Following the evidentiary hearing, the trial court issued a 62-page order in which it accompanied its findings of fact with 57 "General Principles of State Constitutional Construction." The trial court, applying sua sponte Minnesota's free speech constitutional protection, concluded that the MOA was public property because the public was generally invited onto the property and public financing was involved in the MOA's development. The court characterized the interior of the MOA "as public as any city thoroughfare, as any government grounds" because it "was born of a union with government." Consequently, appellants' speech would be constitutionally protected, so the trial court concluded, but appellants' failure to "test the Mall's willingness to honor the Constitution" was fatal to their motion to dismiss.

The court of appeals reversed declining to extend state constitutional protection to appellants' speech based on the patent lack of support for the trial court's conclusion that the framers of the Minnesota Constitution intended the state's free speech provision to provide more protection than its federal counterpart, and additionally, on this court's historical reluctance to interpret Article I, Section 3 more expansively than the First Amendment of the Federal Constitution. State v. Wicklund, 576 N.W.2d 753, 756-57 (Minn. App. 1998). Appellants' contention that the use of public funds constituted the state action requisite to triggering protection under Article I, Section 3 of the Minnesota Constitution was likewise rejected:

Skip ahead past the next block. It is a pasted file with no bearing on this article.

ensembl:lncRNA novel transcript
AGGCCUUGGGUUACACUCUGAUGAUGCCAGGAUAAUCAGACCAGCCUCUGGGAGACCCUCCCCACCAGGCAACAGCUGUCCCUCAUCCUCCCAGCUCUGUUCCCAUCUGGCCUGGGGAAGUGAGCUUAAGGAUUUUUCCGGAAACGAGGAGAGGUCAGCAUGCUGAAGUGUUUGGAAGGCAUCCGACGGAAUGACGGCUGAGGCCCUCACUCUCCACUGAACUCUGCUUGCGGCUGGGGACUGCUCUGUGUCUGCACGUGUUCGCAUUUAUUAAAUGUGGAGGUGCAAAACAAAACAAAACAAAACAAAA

If the "state action" requirement is discarded, it is difficult to formulate a principled line between those privately-owned locations in which constitutional free speech guarantees should apply and those where they should not. * * * Moreover, a discarding of the "state action" requirement in this area has broad implications for other constitutional provisions to which the "state action" requirement has traditionally been applied.